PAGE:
|credit: Flora Waycott|
When Joachim opens the door number 18, they find a picture of a golden sceptre, which kings and emperors used to carry as a symbol of dignity. Another king will be introduced, but who?
The pilgrims are now going through Thrace towards Constantinopel when Ephiriel's angel watch shows the year to be 495 (today Thrace region is split among Bulgaria, Greece, and Turkey). They are about to cross the Bosporus strait, when they see a beautiful church; it was the basilica built by Emperor Constantine, but destroyed by fire in a few years. Later on a lovely Santa Sophia church was built on the same spot, which we know now as Hagia Sophia, after it was turned as a Mosque.
Right on the furthest point of Golden Horn quay, a handsome man in colorful clothes and a golden sceptre in his one hand and a thick book in another welcomes them. He introduces himself as the Emperor Augustus, who "order" them to accept him "without any unpleasant protest." The thick book he's carrying isn't a Bible, as Elisabet thought, but the sacred census (of course he'd need it in Betlehem!) There's no doubt that he's one of them, so off they all go on the Emperor's boat with large sails.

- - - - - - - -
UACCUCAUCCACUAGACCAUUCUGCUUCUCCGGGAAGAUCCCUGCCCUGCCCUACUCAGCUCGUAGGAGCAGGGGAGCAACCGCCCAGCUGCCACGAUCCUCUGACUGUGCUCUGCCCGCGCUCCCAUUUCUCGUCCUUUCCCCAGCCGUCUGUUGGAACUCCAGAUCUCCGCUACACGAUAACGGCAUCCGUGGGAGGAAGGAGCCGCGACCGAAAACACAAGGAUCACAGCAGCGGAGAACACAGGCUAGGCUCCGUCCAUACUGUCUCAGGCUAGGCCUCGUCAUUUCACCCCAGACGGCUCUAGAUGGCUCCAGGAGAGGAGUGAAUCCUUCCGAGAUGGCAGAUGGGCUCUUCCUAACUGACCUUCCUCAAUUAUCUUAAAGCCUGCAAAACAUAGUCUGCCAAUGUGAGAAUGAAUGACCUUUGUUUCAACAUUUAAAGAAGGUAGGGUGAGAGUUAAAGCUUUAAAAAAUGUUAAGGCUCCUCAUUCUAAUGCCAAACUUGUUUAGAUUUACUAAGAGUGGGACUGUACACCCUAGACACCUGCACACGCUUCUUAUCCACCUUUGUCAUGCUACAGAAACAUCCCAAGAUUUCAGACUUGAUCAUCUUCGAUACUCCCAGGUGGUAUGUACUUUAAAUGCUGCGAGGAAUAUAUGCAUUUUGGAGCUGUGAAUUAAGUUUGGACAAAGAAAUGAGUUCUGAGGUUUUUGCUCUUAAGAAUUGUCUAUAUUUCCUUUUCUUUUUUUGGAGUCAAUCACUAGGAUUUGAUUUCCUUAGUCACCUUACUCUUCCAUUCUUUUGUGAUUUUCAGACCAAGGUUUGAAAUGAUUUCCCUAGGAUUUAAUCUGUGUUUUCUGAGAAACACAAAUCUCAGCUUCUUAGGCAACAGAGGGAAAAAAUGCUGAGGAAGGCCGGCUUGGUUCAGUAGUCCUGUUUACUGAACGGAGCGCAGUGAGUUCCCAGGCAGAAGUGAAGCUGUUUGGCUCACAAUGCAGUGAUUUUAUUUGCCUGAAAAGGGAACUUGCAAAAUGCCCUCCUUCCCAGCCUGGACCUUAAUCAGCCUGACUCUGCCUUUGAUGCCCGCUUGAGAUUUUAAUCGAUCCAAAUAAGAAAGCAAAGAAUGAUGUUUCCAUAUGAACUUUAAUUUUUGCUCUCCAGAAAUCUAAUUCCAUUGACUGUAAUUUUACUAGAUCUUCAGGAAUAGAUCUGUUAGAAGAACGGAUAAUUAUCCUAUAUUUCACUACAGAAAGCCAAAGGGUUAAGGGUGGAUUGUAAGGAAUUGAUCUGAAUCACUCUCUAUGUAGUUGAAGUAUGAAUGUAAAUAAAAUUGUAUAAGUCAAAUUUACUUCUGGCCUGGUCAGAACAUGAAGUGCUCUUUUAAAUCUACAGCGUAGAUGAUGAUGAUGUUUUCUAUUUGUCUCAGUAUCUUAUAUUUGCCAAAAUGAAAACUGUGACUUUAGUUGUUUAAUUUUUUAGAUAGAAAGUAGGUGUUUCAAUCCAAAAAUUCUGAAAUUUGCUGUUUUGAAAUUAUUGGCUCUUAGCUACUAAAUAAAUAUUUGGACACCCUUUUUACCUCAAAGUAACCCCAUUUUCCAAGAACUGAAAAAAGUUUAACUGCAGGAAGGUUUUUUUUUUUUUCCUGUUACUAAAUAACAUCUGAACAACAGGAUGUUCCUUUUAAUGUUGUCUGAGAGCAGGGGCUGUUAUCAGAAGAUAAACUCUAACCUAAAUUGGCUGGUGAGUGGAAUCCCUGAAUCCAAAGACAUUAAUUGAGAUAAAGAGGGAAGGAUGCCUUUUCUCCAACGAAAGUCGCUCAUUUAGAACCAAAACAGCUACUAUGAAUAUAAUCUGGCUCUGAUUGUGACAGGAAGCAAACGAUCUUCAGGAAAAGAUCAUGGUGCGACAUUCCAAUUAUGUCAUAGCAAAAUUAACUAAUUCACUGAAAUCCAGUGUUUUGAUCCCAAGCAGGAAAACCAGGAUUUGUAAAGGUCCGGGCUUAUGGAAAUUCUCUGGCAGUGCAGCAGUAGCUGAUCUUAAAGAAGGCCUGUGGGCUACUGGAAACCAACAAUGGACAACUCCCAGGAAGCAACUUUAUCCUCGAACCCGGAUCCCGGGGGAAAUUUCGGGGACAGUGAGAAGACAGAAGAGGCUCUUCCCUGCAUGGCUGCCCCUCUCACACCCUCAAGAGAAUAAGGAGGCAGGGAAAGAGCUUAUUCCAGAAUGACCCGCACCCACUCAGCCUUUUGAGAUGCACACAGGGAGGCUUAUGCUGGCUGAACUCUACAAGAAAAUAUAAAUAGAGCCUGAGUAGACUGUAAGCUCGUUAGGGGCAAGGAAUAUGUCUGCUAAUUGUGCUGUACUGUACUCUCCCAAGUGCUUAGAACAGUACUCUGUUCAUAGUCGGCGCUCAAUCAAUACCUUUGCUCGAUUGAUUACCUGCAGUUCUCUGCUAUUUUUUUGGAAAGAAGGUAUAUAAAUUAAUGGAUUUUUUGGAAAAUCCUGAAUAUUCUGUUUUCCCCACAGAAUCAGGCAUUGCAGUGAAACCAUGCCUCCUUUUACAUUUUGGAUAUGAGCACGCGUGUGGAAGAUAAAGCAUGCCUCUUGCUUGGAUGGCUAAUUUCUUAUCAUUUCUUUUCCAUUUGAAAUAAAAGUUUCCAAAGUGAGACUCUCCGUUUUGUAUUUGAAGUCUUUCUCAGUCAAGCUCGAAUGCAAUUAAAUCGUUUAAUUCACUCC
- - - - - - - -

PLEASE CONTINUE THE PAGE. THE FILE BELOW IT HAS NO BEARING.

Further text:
Elisabet wonders why Emperor Augustus becomes one of them when he's not a Christian, of which Ephiriel says: "God's kingdom is open to everyone, even people who travel without a ticket."
After landing on the other side of Bosporus, they arrive at the town of Chalcedon that is teeming with so many priests. It's because at that time (year 451) the biggest conference in the history of Christian Church was held in Chalcedon (Council of Chalcedon) to agree on Christian doctrine.
Upon that subject, the two Wise Men have a little quarrel with the angels. And it needs the angel Seraphiel to mediate the disputes, and Joshua's striking the crook, for them to start again the journey, this time down through Phyrgia towards the 4th century.
That's all for today, but we still have six chapters left till Christmas, so, Auf Wiedersehen!